A recently released NASA-funded study explored diet variety, a concern for populations, including students, who lack freedom of food choice.
The study, published in January, was completed by a team of University of Minnesota researchers who explored the variety in diets of adults with stable food security. They found diet variety is key to satisfaction, but students and astronauts can lack this option.
“[NASA has] always been very concerned about the lack of variety they have if you’re up in the space station,” said Zata Vickers, one of the researchers and a professor in the University's Department of Food Science and Nutrition.
The study, which surveyed 102 food-secure, free-living adults, found that individuals ate an average of 110 unique foods over four weeks. Each participant had the freedom to choose their diet, and most indicated a high level of satisfaction, regardless of the variety they chose for themselves.
Vickers and graduate student Lauren Wisdorf recognized that many groups, besides astronauts, struggle to find variety, such as those living in dormitories or nursing homes.
“Students complain that there’s not enough variety,” said Vickers.
A number of students and dietitians agree that variety is important for satisfaction and happiness.
Students in the dormitories are required to have some type of meal plan, said Jenna Brott, Health and Wellness Coordinator for the University of Minnesota Dining Services.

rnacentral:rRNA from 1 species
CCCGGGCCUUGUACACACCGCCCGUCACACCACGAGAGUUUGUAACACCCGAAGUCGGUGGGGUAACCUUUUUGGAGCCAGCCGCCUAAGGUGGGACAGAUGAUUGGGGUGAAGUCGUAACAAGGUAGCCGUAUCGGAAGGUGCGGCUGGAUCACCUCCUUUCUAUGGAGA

“It’s important to have a variety of options,” Brott said. “Even with a four-week menu cycle, there can still be some menu fatigue.”
Brott‘s solutions to menu fatigue include special “limited time offers,” such as grain bowls or a macaroni-and-cheese bar.
Clara Holder, a junior studying nutrition and a volunteer with the Nutritious U food pantry, said the residence hall cafeterias are good and continue improving. Still, she said she prefers the flexibility of cooking in her own apartment, because it saves money and offers more variety.
“If you’re able to choose what you want, you feel happier,” said Rebecca Leighton, the health promotion associate at Boynton Health. “Food is more than just nutrition, ... it’s the cultural piece, the social pieces [and] the comfort. We eat for so many other reasons than just hunger cues.”
But those hunger cues still worry several students. Boynton’s 2018 College Student Health Survey found that nearly 18 percent of students on the Twin Cities campus worry about food security.
Nutritious U, established by Leighton in 2017, offers a variety in diet to those struggling with food insecurity. Initiatives like the federal food stamp program also help, Leighton said, as food-insecure students often do not have the resources to budget for things like fresh produce or certain favorite foods.
“I just think that the food pantry is an awesome resource, but we’re only there four days a month, like what do people do the rest of the time?” Holder said. “It would be cool see more initiative coming out that kind of addressed the problem in a more permanent way.”